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And Just Like That It’s Labor Day!

Every year people seem stunned to realize that Labor Day is here. It is the end of Summer, and it is the beginning of the countdown to the end of the year. That realization frequently results in some anxiety, especially among fundraisers who realize that they have a limited amount of time left to meet their goals.

This year that anxiety level will be a lot higher than most. Many organizations have seen a precipitous drop in revenue. Many have had to cut back programing so programing revenue is below expectations, and many organizations have had to cancel and postpone their fundraising events. Now there are only 17 short weeks left in the year to make up any gaps. To complicate matters, many organizations have had to furlough or lay off staff, so the people charged with raising money have less support.

And non-fundraising staff are in the same boat, hard pressed to offer assistance. Many organizations, especially those working in the areas of social services and mental health, have seen an increased demand for services coinciding with loss of revenue and consequently, staff.

So how to make up the gap? The only way to increase your fundraising revenue is get back to the fundamentals of fundraising and ask for donations. But before you ask for a dime, have a very thorough understanding of how COVID-19 has impacted your organization – increase in demand for services, loss of program revenue, cost of changing the way you do business, impact on fundraising efforts – so you can discuss these things with your supporters.

Hopefully you’ve been keeping in touch with your donors so that they are already familiar with your situation.

Then you can start by identifying your most likely donors.

Presumably each board member has already made a financial commitment for 2020. If not, now is the time to explain why their immediate support is imperative. Board members have a fiduciary duty to look out for the financial health of the organization. If they’ve already made a commitment, ask if they’d consider an extra donation given the pandemic situation and impact on your organization. (If you have a board member who has not made a donation to your organization – unless they are a client representative – they do not belong on your board. But that’s the subject of a future blog post.)

Aside from board members, who were your top 12 donors last year? Who have been your top 20 donors over the past 3 – 5 years? Make an appointment with each one, for a phone call or a video meeting. Bring in your board chair or another board member if you can.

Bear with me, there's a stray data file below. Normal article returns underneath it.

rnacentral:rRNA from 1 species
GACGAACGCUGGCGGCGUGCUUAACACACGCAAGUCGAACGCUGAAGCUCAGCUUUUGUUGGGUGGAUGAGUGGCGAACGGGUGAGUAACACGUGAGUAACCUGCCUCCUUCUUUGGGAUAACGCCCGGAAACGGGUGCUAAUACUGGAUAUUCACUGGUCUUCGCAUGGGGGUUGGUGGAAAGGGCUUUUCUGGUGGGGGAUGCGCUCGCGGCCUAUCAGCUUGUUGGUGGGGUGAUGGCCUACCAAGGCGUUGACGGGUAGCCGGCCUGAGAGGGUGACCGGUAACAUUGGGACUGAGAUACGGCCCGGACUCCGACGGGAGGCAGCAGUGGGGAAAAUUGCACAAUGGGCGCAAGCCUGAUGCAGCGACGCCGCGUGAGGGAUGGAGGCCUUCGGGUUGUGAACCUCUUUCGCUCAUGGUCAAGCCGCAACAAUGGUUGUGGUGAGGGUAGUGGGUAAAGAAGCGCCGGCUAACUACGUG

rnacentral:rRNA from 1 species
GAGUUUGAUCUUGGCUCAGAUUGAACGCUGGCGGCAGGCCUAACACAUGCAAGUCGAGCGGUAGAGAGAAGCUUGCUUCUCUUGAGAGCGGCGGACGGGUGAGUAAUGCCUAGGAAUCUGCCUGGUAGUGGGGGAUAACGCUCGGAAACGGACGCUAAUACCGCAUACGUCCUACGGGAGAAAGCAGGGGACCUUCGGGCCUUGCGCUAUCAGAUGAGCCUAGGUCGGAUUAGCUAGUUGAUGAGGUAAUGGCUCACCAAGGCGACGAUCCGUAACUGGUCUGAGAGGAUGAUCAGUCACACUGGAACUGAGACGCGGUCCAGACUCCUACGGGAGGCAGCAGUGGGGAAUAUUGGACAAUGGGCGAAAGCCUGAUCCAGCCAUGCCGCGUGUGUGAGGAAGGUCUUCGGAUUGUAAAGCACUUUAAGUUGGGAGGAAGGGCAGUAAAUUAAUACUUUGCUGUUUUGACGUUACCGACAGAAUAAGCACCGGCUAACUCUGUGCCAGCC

The purpose of the call is to have a frank discussion about the organization. Have an agenda. Explain where you are. Ask their thoughts. Ask them why they’ve supported the organization in the past and what their priorities are for the organization. Ask them who they think might be interested in helping the organization and would they be willing to make an introduction call on your behalf. Ask them how they think they could help your organization this year, and if they don’t offer to make a donation, have an amount you’d like to ask them to consider, based on their past donor history.

Don’t wait till the end of the year to do this, because everyone else is in the same boat you are – and you know the old saying, “First come, first serve.”

Don’t think people don’t have money. Plenty of people do. Throughout this pandemic the people who have suffered financially are the hourly wage employees and those on the lower end of the salaried compensation scale. Upper level management folks have not been severely impacted by furloughs and lay offs. And for the 1%, the stock market has been on a roll and there are a lot of potential donors sitting on appreciated stock.

Now, I’ve had an eye on the stock market for forty years. I don’t give stock advice because I’m frequently wrong. But I have to say that in forty years I’ve never been more confused than I am right now. We have record unemployment, businesses have been on no or low production for months. Healthcare, which is a huge sector of our economy, is in crisis. How is this not having an impact on the stock market today? When is the other shoe going to drop?

I’m deeply concerned that the fundraising landscape could drastically and rapidly shift between now and the end of the year. There may be 17 more weeks before the end of the year, but don’t wait to start asking for large gifts!

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